E.G: Covid-19 hasn’t impacted my practice that much actually. During this time I’ve mostly been editing the book I'm doing together with the very excellent Sandberg&Timonen and instead of meeting at their office we’ve been doing it online. It has worked out very well.


With no access to workplaces like the darkroom,I’ve instead been organizing my own archive abd getting a decent overview of all the material I have. And from there I’ve started to work on what might be the next book. Still too early to say anything about that other than it will be handmade prints from the darkroom with great colours and composition.

Erik Gustafsson, from a work in progress


L.L: Well, first of all school is closed, which sucks when I literally was there from 9 AM to 1 AM most of the days, so it feels like I’m living a completely different life right now, where my productivity has been challenged. First of all there is no darkroom anymore and it takes a lot longer for the lab to develop my films than when I could do it at school. I’ve decided to edit my pictures for my upcoming project on the computer instead of in the darkroom as planned, just to not stand still and keep on working, even though it wouldn’t have been my first choice to do it that way. Besides that, the access to communities as we talked about before, has also been limited, so the past couple of months I’ve mostly been shooting the ones I have near. I don’t think that this change of lifestyle only has been bad for me, since I’ve felt a new energy and desire to create, and it’s given me space to think about projects that I want to make.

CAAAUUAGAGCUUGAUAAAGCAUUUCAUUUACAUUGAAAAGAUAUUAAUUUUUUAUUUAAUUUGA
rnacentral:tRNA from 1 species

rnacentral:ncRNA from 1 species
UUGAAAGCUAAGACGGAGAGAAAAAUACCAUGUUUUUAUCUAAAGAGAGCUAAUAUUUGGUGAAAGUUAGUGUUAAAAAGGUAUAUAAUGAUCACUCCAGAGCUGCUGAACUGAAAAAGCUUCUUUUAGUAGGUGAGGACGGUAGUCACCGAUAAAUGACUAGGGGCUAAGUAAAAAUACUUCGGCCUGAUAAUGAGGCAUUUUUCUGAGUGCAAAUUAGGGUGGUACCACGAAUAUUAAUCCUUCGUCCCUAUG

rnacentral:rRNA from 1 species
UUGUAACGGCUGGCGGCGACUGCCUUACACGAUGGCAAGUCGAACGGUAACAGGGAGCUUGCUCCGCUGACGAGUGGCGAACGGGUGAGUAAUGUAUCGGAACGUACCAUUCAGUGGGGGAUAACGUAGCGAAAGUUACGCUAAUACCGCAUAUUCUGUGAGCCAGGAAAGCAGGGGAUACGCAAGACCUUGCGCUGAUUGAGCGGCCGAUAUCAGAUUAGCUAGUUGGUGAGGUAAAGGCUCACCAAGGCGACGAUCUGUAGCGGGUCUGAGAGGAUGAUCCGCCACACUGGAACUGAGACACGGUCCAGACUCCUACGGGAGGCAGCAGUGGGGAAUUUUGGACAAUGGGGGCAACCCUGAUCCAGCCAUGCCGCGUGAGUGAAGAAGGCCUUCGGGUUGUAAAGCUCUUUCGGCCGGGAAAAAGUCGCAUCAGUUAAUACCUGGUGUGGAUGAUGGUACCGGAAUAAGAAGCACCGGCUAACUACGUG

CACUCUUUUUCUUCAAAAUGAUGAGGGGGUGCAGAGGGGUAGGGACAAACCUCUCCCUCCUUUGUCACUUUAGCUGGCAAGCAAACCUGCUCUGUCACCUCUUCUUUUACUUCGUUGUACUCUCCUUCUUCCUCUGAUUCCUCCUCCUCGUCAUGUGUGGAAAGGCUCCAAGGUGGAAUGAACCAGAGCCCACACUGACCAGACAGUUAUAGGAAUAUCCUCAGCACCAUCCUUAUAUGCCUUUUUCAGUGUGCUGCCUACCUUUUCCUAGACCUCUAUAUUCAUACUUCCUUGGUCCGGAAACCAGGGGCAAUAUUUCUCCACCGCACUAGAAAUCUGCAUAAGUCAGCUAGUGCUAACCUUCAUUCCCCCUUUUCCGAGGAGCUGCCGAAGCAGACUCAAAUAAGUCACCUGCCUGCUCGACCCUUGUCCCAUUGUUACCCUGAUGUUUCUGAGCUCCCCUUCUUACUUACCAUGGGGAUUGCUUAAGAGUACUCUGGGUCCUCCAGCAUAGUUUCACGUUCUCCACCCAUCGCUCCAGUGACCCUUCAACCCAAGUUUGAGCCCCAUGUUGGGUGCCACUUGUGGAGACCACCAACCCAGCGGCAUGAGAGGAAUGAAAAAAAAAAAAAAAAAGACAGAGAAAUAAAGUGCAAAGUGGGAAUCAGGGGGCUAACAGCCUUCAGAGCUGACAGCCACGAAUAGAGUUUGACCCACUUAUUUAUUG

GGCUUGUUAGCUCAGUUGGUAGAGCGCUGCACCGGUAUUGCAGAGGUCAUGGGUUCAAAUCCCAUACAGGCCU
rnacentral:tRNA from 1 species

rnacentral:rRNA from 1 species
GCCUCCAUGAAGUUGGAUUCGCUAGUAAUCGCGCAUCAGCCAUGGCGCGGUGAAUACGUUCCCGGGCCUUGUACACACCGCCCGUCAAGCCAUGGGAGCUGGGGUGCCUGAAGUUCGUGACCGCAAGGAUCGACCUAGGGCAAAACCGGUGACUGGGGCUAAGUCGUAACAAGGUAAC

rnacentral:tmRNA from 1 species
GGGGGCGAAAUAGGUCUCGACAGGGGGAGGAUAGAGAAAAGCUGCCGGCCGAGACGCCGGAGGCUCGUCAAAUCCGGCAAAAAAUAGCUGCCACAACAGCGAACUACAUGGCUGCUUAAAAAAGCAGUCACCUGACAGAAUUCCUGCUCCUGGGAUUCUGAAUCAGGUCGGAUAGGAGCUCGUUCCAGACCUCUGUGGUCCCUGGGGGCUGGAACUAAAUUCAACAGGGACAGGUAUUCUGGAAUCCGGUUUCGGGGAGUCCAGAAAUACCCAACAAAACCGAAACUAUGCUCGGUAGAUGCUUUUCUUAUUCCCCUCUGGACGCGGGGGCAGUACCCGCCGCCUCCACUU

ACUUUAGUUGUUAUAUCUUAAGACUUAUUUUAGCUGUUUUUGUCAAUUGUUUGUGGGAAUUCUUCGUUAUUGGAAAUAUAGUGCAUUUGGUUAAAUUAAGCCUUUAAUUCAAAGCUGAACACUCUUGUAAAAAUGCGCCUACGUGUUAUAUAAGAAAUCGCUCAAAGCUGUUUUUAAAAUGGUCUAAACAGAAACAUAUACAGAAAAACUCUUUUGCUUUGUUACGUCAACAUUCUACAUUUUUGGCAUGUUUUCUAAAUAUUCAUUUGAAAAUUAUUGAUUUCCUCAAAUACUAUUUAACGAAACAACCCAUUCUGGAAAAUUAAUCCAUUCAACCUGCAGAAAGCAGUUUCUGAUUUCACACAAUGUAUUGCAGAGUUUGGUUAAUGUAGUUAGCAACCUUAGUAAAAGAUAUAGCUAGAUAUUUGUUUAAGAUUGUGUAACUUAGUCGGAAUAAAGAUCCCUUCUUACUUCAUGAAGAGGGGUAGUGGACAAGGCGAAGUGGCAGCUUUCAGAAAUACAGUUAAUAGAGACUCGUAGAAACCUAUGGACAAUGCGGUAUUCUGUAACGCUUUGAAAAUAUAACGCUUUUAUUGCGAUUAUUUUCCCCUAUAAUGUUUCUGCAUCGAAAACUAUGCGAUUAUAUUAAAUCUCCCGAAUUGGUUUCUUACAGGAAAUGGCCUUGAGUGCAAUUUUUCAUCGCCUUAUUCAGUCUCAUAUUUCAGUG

Luna Lopez, Untitled, from ongoing project


My plans for the rest of the year is just to shoot shoot shoot, collect as many pictures as possible and then look at them later on. It also depends a bit on whether school opens up or not, if not I might take a gap year to have full access to the facilities on my last year.



Images courtesy of the artists.